“Using Gloat’s AI, each employee will receive personalized career opportunities based on their unique skills and interests. And as job-specific requirements evolve and new roles emerge in an organization, AI identifies these changes and adapts recommendations accordingly,” said Reuveni.

Gloat also reflects employees’ “aspirations,” Reuveni says, based on the skills they use most and their professional development plans. At best, assuming Gloat’s data is correct, it can help management decide how to deploy talent.

Of course, no algorithm is unbiased. And when hiring staff, the impact can be significant. LinkedIn discovered years ago that the recommendation algorithms it uses to match applicants to job openings referred more men than women to open positions. The algorithm ranked candidates based in part on how likely they were to apply for a position or respond to a recruiter, and — as MIT Technology Review notes in his report on the bug – men are often more aggressive in seeking new opportunities.

A blog after written by Gloat HR analyst Adam Etzion dated Feb 2021 discusses an “anti-biased dataset” used by Gloat’s data science team, adaptable to individual clients. And a white paperPublished last April, Gloat’s describes bias-detection tools that can pick up unwanted trends in AI-powered recommendations and introduce noise into the data to (in theory) reduce it.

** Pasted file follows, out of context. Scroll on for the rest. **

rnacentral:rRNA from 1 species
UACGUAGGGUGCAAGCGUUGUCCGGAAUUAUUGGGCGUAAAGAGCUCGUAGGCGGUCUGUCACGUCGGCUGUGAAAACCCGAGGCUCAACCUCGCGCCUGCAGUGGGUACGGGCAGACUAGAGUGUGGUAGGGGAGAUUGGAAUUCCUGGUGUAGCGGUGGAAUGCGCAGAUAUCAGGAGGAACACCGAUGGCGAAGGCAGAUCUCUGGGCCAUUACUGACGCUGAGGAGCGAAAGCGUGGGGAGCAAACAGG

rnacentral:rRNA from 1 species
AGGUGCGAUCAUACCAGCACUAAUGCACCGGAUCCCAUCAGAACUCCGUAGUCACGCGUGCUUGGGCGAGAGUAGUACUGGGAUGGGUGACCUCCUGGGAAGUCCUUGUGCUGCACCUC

Image Credits: Gloat

Reuveni didn’t immediately respond to a question about bias in Gloat’s algorithms, but he did express confidence in the system’s accuracy. “The resulting skills trends and recommendations delivered through our platform provide unparalleled workforce intelligence,” he said.

As hyperbolic as that may sound, Gloat’s customer list is extensive and includes brands such as Mastercard, Unilever, Schneider Electric, Nestlé, Novartis, Standard Chartered Bank and HSBC. More than 1.1 million users in more than 120 countries use the platform, Reuveni said, a number that has grown during the pandemic as companies’ hiring slowed and the focus shifted to upskilling their workforce.

“As third-party hiring appears to be drastically slowing again and companies are eager to avoid a repeat of mistakes caused by the pandemic, Gloat’s customers have become beacons for the future of work movements. This has positioned Gloat extremely well to weather economic headwinds and go with tailwinds,” said Reuveni.

Gloat is also benefiting from an overall surge in VC funding for HR tech startups. VCs funneled more than $1.4 billion into HR technology in January, according to PitchBook dataBuilding on a record year – 2021 – in which more than $12.3 of venture capital was invested in HR technology in more than 800 deals.

Accel, Eight Roads Ventures, Intel Capital and Lumir Ventures also participated in Gloat’s latest financing round in New York. Reuveni noted that it is Generation’s first investment from its new $1.7 billion Sustainable Solutions Fund IV, which aims to invest in companies and teams that drive “responsible innovation.”